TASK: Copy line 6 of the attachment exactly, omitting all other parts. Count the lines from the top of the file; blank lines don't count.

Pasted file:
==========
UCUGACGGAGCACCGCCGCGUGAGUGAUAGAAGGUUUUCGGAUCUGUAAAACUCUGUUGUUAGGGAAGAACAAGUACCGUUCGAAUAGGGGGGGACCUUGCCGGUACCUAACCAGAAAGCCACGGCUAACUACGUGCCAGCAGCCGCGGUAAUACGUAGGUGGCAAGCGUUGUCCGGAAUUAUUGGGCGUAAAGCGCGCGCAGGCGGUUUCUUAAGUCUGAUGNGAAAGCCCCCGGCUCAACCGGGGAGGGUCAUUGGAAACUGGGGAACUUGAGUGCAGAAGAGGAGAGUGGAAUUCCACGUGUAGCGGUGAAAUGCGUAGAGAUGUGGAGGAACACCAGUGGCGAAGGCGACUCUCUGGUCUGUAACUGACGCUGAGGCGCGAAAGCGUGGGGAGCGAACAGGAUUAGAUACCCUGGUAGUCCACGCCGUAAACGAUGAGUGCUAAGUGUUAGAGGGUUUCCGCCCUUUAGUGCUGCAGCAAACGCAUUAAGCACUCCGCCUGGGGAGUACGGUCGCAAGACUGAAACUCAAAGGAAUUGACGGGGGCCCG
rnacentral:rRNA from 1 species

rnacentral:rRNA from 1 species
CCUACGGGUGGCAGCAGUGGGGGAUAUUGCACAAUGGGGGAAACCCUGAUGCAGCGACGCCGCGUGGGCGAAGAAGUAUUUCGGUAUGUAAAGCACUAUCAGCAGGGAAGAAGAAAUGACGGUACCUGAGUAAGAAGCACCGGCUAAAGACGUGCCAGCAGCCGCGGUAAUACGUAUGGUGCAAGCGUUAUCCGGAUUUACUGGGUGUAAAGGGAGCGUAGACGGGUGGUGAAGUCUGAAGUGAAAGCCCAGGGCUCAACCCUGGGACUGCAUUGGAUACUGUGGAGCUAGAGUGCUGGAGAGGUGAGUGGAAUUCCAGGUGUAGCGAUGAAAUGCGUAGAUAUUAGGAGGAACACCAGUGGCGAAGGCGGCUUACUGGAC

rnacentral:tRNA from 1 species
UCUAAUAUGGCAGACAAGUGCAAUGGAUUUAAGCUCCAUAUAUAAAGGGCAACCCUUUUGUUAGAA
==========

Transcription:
UCUAAUAUGGCAGACAAGUGCAAUGGAUUUAAGCUCCAUAUAUAAAGGGCAACCCUUUUGUUAGAA